Touting myself as a regular blogger would be lies – so I won’t do that – but when I do blog I like the freedom that I get by editing at my leisure offline in a non-browser client.

When I removed Windows Vista from my trusty laptop recently I installed Ubuntu 10.04 and have truly loved it so far. There had to be a down side though – right?

Here is your task:

Go to Google and search for : gnome blog editor

Have a good look through the results and make sure to note down the features.

Glance through the features and scribble out all of the blog editors that do not support image/file uploading. How many are left?

I’m guessing that you are going to find NONE. Very disappointing.

Sure – you’ll bump into loads that will half do the job and must only be used by people who love text only browsers. You’ll get the odd one that does support image uploading like Gnome Blog but go ahead and try using it. You’ll soon find that positioning that image in your blog post is impossible and any kind of text formatting other than the cryptically iconified  (pretty sure iconified is not a word – but you get the idea right ? icons… etc) bold and italics is out of the question.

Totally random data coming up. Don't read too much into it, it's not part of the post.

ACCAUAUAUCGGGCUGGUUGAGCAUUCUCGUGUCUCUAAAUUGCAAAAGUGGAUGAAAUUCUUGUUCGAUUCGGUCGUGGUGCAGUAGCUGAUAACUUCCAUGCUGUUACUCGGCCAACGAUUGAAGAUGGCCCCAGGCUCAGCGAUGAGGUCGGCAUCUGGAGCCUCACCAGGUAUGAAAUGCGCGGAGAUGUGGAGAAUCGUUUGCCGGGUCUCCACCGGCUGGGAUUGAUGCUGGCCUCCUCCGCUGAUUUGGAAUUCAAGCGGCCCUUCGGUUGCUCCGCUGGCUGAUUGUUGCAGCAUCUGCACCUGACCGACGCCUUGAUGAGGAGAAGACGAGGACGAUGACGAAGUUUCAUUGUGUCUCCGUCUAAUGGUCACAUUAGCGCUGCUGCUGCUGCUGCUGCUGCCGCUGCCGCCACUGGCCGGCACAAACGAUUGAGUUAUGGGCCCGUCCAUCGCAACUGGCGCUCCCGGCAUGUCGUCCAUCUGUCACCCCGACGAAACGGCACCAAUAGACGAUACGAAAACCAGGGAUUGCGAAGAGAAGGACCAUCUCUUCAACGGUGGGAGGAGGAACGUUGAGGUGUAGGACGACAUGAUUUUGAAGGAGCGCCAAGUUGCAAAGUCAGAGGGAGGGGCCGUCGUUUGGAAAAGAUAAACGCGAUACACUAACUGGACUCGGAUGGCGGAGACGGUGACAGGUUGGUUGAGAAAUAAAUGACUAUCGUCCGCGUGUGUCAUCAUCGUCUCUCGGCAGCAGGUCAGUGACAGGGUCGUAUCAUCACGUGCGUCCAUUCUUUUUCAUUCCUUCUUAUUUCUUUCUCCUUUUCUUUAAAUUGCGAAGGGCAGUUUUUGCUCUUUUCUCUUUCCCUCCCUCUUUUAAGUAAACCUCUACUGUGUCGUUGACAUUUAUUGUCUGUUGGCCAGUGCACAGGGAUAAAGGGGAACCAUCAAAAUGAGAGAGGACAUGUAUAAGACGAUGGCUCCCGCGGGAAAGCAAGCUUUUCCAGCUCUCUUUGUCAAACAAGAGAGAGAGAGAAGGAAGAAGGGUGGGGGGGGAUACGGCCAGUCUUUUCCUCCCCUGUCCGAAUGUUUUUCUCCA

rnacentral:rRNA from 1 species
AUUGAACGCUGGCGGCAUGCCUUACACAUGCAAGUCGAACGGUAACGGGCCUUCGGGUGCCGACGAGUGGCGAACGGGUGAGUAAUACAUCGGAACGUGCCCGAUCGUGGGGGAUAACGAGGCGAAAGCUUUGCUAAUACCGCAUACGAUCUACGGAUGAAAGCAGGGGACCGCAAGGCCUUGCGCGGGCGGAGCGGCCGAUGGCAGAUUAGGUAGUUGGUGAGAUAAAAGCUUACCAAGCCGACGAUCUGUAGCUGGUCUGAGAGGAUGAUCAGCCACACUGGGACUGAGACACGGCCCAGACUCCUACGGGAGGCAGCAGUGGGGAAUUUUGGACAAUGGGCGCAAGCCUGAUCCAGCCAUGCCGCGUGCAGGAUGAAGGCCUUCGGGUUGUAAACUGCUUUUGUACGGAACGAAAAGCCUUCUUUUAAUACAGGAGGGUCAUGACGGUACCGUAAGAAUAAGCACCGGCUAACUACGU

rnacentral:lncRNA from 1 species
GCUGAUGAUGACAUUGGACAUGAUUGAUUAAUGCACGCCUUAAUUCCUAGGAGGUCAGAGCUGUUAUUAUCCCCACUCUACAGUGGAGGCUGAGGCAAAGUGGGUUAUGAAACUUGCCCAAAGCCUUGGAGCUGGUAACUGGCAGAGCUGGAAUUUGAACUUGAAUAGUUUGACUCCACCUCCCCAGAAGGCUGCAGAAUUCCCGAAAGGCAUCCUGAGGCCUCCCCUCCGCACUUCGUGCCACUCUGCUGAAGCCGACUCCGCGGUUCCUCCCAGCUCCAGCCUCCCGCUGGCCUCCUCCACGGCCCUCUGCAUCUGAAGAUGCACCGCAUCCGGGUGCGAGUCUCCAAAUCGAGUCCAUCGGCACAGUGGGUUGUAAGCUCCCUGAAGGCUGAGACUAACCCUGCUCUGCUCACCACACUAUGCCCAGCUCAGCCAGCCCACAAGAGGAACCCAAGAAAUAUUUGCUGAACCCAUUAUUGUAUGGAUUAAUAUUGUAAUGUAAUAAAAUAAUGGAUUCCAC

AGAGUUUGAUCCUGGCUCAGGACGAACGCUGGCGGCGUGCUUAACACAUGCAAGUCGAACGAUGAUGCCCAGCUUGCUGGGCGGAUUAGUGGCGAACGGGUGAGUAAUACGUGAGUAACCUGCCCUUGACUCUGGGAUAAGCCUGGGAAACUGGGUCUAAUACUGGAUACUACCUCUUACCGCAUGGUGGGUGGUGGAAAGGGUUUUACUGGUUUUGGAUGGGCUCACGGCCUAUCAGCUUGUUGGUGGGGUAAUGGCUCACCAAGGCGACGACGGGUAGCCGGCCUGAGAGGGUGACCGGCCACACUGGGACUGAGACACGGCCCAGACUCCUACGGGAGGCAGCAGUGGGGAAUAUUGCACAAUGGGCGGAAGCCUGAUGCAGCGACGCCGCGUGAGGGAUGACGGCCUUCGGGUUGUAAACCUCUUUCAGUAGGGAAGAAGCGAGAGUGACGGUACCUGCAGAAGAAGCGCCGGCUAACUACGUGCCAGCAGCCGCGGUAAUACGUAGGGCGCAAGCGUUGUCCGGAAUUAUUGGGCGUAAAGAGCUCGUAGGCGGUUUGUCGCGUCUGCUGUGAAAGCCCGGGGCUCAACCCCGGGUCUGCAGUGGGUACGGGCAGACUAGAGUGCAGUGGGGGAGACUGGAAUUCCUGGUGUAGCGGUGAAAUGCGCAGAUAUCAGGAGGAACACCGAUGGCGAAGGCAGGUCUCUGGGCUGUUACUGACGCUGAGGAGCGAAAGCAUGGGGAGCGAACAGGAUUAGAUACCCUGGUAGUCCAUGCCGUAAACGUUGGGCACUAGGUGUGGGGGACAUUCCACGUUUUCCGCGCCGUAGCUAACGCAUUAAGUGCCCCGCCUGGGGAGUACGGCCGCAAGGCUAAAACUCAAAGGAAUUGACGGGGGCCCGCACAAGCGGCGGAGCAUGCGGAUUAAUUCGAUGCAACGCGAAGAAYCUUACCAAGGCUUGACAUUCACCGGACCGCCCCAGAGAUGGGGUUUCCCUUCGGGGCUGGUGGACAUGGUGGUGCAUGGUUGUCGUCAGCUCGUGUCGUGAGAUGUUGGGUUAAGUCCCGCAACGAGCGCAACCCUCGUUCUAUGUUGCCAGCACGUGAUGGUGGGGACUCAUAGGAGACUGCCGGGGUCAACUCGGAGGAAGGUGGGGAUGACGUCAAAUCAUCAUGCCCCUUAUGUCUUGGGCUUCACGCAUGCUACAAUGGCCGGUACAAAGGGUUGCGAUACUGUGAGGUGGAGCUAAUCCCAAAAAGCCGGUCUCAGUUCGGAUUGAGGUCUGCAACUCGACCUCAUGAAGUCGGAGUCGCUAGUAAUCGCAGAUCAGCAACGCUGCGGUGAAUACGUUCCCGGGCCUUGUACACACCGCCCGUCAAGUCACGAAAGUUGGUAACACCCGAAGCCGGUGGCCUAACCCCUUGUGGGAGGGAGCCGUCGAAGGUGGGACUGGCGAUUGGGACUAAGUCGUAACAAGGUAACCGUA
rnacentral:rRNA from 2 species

What to Use

ScribeFireIt deeply saddens me to say this but the only option is ScribeFire. Don’t go thinking that you can use ScribeFire in Chrome though – because that version doesn’t support image uploading either. No – you are stuck with the Firefox version.

In order to make it feel like an independent client, I open up Firefox and then open ScribeFire in a new window – then close down the main Firefox window. Utterly useless approach but it works.

The reason I am saddened in having to use ScribeFire is because the WYSIWYG interface is clunky and doesn’t support half of the standard HTML tags you’d expect – e.g Header tags.

What Does The Future Hold

Not a lot if you go by the suggestions that get created in the Ubuntu brainstorm site, here, you’ll see that there is clearly limited inclination from the Ubuntu programmers to implement something great for the everyday blogger using Gnome. Granted, it should not just be their job to do this – but they own the most popular Linux desktop platform so responsibility has to lay somewhere – right?